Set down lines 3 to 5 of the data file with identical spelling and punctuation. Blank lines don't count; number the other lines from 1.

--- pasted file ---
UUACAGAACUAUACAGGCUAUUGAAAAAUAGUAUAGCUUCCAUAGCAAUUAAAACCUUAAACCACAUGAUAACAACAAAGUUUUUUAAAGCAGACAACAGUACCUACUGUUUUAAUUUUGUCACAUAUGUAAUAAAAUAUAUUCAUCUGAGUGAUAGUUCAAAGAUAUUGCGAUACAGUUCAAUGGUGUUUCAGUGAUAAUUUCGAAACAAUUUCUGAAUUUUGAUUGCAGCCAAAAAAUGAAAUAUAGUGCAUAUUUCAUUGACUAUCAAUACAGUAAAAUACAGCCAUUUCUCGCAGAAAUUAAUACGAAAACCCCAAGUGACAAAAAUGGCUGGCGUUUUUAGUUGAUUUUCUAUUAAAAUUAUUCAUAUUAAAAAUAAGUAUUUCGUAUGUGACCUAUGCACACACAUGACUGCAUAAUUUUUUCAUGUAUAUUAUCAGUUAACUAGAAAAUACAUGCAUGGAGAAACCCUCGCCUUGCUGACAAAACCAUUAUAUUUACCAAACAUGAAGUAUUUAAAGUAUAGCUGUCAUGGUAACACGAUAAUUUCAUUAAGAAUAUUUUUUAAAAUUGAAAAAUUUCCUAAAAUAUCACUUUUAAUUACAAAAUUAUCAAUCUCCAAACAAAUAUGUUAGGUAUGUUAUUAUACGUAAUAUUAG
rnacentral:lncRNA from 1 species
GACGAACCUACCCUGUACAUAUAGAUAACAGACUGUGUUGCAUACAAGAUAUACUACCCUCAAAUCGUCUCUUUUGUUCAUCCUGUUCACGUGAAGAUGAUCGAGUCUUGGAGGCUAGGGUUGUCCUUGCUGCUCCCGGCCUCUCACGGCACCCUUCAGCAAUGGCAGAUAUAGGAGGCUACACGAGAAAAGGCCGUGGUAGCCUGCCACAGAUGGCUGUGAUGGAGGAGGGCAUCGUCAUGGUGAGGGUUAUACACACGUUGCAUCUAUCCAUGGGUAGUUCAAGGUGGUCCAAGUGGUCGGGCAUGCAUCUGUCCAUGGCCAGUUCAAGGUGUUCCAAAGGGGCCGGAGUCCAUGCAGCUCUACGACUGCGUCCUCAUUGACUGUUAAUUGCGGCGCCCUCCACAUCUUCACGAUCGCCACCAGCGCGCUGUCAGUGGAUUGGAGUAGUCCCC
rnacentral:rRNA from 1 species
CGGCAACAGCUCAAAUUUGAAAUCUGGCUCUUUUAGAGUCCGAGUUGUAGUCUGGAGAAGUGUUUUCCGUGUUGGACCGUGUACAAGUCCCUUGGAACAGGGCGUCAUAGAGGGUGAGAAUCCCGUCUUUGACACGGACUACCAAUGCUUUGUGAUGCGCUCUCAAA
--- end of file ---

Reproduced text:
GACGAACCUACCCUGUACAUAUAGAUAACAGACUGUGUUGCAUACAAGAUAUACUACCCUCAAAUCGUCUCUUUUGUUCAUCCUGUUCACGUGAAGAUGAUCGAGUCUUGGAGGCUAGGGUUGUCCUUGCUGCUCCCGGCCUCUCACGGCACCCUUCAGCAAUGGCAGAUAUAGGAGGCUACACGAGAAAAGGCCGUGGUAGCCUGCCACAGAUGGCUGUGAUGGAGGAGGGCAUCGUCAUGGUGAGGGUUAUACACACGUUGCAUCUAUCCAUGGGUAGUUCAAGGUGGUCCAAGUGGUCGGGCAUGCAUCUGUCCAUGGCCAGUUCAAGGUGUUCCAAAGGGGCCGGAGUCCAUGCAGCUCUACGACUGCGUCCUCAUUGACUGUUAAUUGCGGCGCCCUCCACAUCUUCACGAUCGCCACCAGCGCGCUGUCAGUGGAUUGGAGUAGUCCCC
rnacentral:rRNA from 1 species
CGGCAACAGCUCAAAUUUGAAAUCUGGCUCUUUUAGAGUCCGAGUUGUAGUCUGGAGAAGUGUUUUCCGUGUUGGACCGUGUACAAGUCCCUUGGAACAGGGCGUCAUAGAGGGUGAGAAUCCCGUCUUUGACACGGACUACCAAUGCUUUGUGAUGCGCUCUCAAA